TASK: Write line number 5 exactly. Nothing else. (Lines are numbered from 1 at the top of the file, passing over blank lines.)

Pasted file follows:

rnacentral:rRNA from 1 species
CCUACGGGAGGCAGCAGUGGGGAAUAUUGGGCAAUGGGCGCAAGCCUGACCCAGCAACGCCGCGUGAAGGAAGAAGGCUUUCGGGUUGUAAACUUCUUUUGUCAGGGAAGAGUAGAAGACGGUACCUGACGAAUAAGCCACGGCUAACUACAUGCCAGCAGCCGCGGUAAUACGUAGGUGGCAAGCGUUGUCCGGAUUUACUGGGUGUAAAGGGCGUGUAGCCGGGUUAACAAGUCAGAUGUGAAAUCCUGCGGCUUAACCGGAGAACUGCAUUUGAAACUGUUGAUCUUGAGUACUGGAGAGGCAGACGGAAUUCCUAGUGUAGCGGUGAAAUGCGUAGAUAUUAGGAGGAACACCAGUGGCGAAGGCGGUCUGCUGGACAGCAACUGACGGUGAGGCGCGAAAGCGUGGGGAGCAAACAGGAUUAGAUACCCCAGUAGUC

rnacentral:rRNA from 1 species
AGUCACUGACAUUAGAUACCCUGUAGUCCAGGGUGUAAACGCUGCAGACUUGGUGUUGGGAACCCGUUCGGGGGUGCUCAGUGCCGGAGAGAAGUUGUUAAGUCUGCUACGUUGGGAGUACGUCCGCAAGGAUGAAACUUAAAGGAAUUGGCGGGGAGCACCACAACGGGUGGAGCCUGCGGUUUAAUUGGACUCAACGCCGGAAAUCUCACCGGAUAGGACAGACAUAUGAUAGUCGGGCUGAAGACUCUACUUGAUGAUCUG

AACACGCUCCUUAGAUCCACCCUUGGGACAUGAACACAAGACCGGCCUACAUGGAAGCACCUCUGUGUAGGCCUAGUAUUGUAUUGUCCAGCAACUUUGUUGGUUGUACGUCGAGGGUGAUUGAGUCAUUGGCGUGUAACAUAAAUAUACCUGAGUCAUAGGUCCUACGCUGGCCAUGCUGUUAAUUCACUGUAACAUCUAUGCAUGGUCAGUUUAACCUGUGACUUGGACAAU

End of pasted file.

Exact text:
AACACGCUCCUUAGAUCCACCCUUGGGACAUGAACACAAGACCGGCCUACAUGGAAGCACCUCUGUGUAGGCCUAGUAUUGUAUUGUCCAGCAACUUUGUUGGUUGUACGUCGAGGGUGAUUGAGUCAUUGGCGUGUAACAUAAAUAUACCUGAGUCAUAGGUCCUACGCUGGCCAUGCUGUUAAUUCACUGUAACAUCUAUGCAUGGUCAGUUUAACCUGUGACUUGGACAAU